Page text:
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Here's How to Handle Awkward Holiday Feelings

Updated: 2 days ago


I'm truly GRATEFUL to have you as a part of my online community, friends!

Those of us living in the United States are getting ready to celebrate Thanksgiving, and I know that many people are dreading dinner table conversations and family interactions.


I've personally wasted lots of time thinking about and dreading holiday interactions, and you don't have to do that. I also wasted a lot of time and money on therapy but later learned that changing my thoughts gives me the power to be in full control of my circumstances. Here are my three easy tips to make this a grateful and easy Thanksgiving holiday. (video below)


  1. Make a list of things you've been wanting to accomplish. I have clients this week who are writing grant proposals, planning dream vacations and organizing their photo albums. I have a white board in my office where I keep a list of the projects I want to do, but don't have time to focus on. Whenever I have a cancellation or there is some extra space in my schedule, I have a pre-made list of things I GET to do. Holiday weeks are filled with extra space. Instead of watching TV or worrying about what Sarcastic Susie is going to say about your new diet or your new business, focus on THE LIST.

  2. Think about the people who most irritate you and imagine you are meeting them for the very first time. THIS IS A POWERFUL THOUGHT STRATEGY, friends. When you meet someone for the first time, don't you show a lot more grace, tolerance, and patience? It's because you have no emotional attachment or memories of pain, embarrassment, grief, judgment, etc. A lot of times our awkward encounters with people have more to do with our thoughts and feelings than theirs. Imagine you are meeting this person for the first time has nothing to do with them. It simply allows you to stop thinking, worrying and feeling resentful so that you can enjoy your day.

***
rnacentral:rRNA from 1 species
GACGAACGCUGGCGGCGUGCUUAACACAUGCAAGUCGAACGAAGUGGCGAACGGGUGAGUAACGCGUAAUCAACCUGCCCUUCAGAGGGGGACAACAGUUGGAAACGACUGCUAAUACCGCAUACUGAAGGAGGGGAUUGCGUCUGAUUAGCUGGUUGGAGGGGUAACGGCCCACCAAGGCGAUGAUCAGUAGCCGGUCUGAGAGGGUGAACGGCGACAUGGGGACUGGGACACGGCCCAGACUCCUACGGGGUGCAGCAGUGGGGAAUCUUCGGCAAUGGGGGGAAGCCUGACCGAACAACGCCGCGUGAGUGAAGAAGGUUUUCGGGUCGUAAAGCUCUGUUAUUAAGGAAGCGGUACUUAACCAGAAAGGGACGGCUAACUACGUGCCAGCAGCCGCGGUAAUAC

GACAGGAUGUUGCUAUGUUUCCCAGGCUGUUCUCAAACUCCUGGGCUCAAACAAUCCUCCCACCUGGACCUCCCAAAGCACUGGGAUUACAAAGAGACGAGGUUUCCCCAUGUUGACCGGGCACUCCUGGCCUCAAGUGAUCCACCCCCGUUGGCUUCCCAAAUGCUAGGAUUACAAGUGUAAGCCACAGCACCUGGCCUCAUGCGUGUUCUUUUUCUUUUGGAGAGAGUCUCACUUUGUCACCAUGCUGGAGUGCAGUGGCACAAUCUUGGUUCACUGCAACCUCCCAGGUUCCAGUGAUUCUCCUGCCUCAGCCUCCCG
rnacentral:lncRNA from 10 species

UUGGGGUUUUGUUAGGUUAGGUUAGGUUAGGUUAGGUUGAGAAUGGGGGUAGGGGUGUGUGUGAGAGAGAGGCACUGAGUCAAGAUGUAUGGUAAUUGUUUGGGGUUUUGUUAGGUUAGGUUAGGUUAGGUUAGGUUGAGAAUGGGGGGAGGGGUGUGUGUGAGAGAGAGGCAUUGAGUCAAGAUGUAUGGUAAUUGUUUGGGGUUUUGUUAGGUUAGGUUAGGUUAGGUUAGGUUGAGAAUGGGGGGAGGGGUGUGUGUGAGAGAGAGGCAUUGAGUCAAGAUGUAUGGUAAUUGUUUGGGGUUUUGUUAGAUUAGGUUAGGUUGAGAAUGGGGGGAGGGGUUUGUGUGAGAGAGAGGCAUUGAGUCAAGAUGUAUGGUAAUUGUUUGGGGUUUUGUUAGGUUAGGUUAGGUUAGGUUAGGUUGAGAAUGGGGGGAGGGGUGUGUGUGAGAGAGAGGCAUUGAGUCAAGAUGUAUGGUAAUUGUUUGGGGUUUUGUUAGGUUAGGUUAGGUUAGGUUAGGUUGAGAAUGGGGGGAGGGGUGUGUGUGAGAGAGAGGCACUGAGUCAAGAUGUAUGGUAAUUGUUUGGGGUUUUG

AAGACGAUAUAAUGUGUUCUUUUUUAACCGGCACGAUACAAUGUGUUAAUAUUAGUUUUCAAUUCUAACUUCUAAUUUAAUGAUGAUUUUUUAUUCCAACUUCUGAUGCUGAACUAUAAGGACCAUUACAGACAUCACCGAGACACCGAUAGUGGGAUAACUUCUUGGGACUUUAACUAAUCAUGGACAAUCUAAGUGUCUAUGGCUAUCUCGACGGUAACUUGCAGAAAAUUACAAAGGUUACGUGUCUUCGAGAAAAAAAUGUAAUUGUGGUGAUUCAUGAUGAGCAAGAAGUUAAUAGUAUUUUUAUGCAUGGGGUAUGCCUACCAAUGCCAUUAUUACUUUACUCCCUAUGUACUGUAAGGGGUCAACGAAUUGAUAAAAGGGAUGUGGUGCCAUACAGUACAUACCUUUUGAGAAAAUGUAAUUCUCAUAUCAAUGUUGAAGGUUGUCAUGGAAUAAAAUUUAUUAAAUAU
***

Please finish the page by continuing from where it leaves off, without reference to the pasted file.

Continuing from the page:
3. Prepare clever responses for those annoying or hurtful questions. Here are some ideas:

  • It's true, I don't eat meat, but I've been looking forward to your green bean casserole. You did bring that this year, didn't you?

  • Nope, no plans to get married, but aren't you about to celebrate an anniversary?

  • The children are with their dad today, so it's just me. Good news though, they will be with me when I see you for _______.

It's a good strategy to turn the focus back on the person who is asking you a question or making a comment. Remember that our family members are usually asking these questions because they love and care for us. They don't intend to make you feel awkward or uncomfortable. When I realized this it changed my life and my holiday enjoyment forever.


Here's a journal prompt to help you enjoy the holiday even more:

Make a list of the family members you'll be seeing this holiday season. Ask yourself these questions about each individual*:

  1. What is your first memory of this person?

  2. Think of a time that you laughed with them.

  3. What characteristics of this person do you admire?

  4. What challenges have they overcome in their lifetime?

Doing this journal exercise before a stressful holiday gathering will help you feel both grounded and grateful. I hope these tips help you to enjoy the holiday.


If you're a woman growing a business and want tips to be streamline and systemized, check out my upcoming online masterclass workshops here.

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*This advice is intended for independent adults and not a substitute for therapy or counseling. If you don't feel safe with an individual, get help from a trusted professional source who can help you advocate for yourself.


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